On Nov. 3, 2022, AIA Virginia announced architect Paul Battaglia, AIA, will be its next Executive Vice President bringing more than 25 years of practice, teaching, administration, and business development experience to lead the 2,500-member organization. Since 2011, Battaglia has been at Clark Nexsen, in recent years as a principal engaged in business development, where has specialized in education, research, outreach, and strategic partnerships. Battaglia has also held faculty positions at Hampton University, North Carolina State College of Design, VCU, and Virginia Tech, where he earned both bachelor’s and master’s degrees in architecture.
What are some of the broad themes of 25 years of practice and teaching that might come to bear on leading AIA Virginia?
One of the things that I’ve been consistently impressed with in Virginia is the breadth of architecture and so many different perspectives among its designers and architects. There are also so many ways to pivot in architecture and, for me, at the highest level, that pivot between academia and practice has been critical for me to identify possibilities.
My wife, Laura, is also an architect — and she’s teaching full time at VCU in the interior design department — and I know she sees it, too: there’s fluidity between practice and teaching, and it requires a certain openness. For some people there’s a gap, but for me it is seamless, and you must be open to that. In each of those modes, you can continue to learn about architecture — and that, to me, has been fascinating.
I would say, though, that there’s a major difference between teaching and practice, which is to say that risk and the appreciation for failure aren’t the same. You might look to encounter risk and failure in architecture’s academy to test something or learn something, and you might appreciate risk as a practitioner, but failure there just isn’t an option. I happen to be at a large firm now, but I’ve worked at small firms before — and I’ve pursued those two types of firms intentionally. For one, I wanted to see where I’d feel more comfortable. But, I also did it because I wanted those experiences to inform my teaching, so I can help others understand all of the great ways architecture lets you pivot in your career.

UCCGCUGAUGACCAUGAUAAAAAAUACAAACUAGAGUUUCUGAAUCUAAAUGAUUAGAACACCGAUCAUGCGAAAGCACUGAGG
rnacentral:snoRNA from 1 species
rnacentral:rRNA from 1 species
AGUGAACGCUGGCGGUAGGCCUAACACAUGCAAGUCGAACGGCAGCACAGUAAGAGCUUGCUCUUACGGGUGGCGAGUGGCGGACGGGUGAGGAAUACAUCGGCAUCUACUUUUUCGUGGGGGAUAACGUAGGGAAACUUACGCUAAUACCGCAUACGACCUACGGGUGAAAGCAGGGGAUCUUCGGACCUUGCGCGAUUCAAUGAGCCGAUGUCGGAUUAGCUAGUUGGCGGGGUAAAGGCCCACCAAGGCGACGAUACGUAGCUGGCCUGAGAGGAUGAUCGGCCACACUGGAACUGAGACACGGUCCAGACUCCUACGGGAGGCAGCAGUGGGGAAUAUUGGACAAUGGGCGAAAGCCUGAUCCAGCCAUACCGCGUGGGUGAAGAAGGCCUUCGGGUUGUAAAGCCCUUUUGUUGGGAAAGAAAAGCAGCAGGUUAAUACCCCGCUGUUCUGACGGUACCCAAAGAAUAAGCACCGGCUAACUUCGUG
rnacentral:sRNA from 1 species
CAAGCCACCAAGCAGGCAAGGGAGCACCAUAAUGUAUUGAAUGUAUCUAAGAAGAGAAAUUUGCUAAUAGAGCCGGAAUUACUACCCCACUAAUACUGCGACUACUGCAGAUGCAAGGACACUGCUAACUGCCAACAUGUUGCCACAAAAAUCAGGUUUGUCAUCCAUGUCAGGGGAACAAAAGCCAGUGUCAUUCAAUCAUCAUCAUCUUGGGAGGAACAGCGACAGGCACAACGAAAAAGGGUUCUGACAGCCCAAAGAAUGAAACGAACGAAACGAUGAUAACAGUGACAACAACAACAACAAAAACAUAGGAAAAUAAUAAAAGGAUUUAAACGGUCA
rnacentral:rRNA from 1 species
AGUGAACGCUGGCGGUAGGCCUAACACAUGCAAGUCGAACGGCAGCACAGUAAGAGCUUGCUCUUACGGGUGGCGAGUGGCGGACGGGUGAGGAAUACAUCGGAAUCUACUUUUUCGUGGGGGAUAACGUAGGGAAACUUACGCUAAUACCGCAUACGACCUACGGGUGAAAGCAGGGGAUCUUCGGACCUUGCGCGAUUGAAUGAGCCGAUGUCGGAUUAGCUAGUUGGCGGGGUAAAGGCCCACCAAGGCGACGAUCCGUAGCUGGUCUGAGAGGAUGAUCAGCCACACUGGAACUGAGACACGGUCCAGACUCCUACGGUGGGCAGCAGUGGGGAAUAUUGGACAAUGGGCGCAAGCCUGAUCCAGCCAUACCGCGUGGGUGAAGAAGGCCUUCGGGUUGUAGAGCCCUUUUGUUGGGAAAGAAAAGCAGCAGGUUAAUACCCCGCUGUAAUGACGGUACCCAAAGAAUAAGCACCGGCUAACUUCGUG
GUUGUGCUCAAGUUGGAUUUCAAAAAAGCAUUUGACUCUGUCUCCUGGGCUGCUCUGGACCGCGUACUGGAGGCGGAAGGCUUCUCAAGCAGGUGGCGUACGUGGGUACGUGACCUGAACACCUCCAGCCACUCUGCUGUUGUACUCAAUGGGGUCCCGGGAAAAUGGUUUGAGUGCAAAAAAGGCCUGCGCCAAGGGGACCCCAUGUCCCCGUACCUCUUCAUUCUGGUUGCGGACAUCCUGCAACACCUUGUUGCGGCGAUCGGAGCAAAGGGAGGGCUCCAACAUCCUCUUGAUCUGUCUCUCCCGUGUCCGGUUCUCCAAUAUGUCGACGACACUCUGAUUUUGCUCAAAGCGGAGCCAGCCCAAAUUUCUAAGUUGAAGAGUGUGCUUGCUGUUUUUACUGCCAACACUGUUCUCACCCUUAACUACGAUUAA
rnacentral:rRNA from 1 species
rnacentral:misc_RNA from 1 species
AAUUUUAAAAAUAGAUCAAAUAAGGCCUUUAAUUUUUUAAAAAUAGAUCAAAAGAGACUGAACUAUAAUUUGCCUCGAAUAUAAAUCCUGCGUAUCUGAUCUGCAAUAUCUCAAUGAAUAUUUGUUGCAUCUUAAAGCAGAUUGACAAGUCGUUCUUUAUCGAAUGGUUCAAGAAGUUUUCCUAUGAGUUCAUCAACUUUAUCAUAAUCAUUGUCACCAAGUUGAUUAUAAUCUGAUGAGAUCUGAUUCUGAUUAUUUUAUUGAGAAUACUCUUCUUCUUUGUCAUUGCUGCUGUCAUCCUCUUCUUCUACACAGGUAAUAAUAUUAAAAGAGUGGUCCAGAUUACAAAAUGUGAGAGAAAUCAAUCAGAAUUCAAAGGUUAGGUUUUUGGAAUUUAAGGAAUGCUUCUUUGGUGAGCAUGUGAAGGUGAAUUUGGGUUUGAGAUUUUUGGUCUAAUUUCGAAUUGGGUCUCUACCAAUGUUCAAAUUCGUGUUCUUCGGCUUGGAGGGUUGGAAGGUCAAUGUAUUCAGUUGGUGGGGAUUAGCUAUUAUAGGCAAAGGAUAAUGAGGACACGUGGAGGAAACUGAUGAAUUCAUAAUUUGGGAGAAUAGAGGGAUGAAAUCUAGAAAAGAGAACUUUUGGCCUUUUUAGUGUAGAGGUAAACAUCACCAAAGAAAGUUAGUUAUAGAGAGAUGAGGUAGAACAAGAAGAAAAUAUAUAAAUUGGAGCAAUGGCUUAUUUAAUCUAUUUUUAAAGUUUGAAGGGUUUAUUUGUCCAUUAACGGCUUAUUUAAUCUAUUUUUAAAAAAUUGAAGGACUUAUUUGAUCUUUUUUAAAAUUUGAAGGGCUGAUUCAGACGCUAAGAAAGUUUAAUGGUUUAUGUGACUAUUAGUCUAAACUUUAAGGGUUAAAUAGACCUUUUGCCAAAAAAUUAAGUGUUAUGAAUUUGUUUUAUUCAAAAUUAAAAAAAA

You’ve served on several AIA Virginia committees and initiatives, including Virginia Design Forum, Justice Equity Diversity Inclusion Committee (J.E.D.I.), and the Large Firm Roundtable, which you’ve chaired since 2017. How do stakeholder groups offer a window into member needs today?
AIA Virginia needs to always be sincere in asking members what they need, and these groups often represent singular needs — or a collection of needs. It’s about forging and maintaining a relationship between the organization and the member, and the nature of that relationship must be about honest feedback.
How is consensus a foundation for the work that AIA Virginia must do?
At its best, consensus guards against the extreme positions, but just because more people think something is good doesn’t mean it’s the greatest good. Ultimately, that’s the responsibility of leadership to take things under advisement and make a decision — and a consensus-based process can offer that leader a reliable picture.
What does this moment mean right now for Virginia architects? What’s important for the profession here, across all five of its local chapters?
Several things. One, if a recent graduate, for instance, goes forward with an architecture career, they will contribute to the built environment. That’s a huge responsibility. Architecture that’s done with a minimal degree of competency achieves health, safety, and wellness, but architecture inspires, too — it makes people travel across the world to seek it out. And then there is the fact that, by its nature, the discipline of architecture offers a lot. To see the world from an architectural point of view, it means that even beyond practice, there’s a value in the architectural approach: identifying a vision of something good worth achieving and working collaboratively to get there.
Since 1914, AIA Virginia (and formerly the Virginia Society AIA) has represented the professional interests of architects and allied professionals in the Commonwealth of Virginia. Learn more at aiava.org
William Richards is Editorial Director of Team Three, an editorial and creative consultancy based in Washington, DC.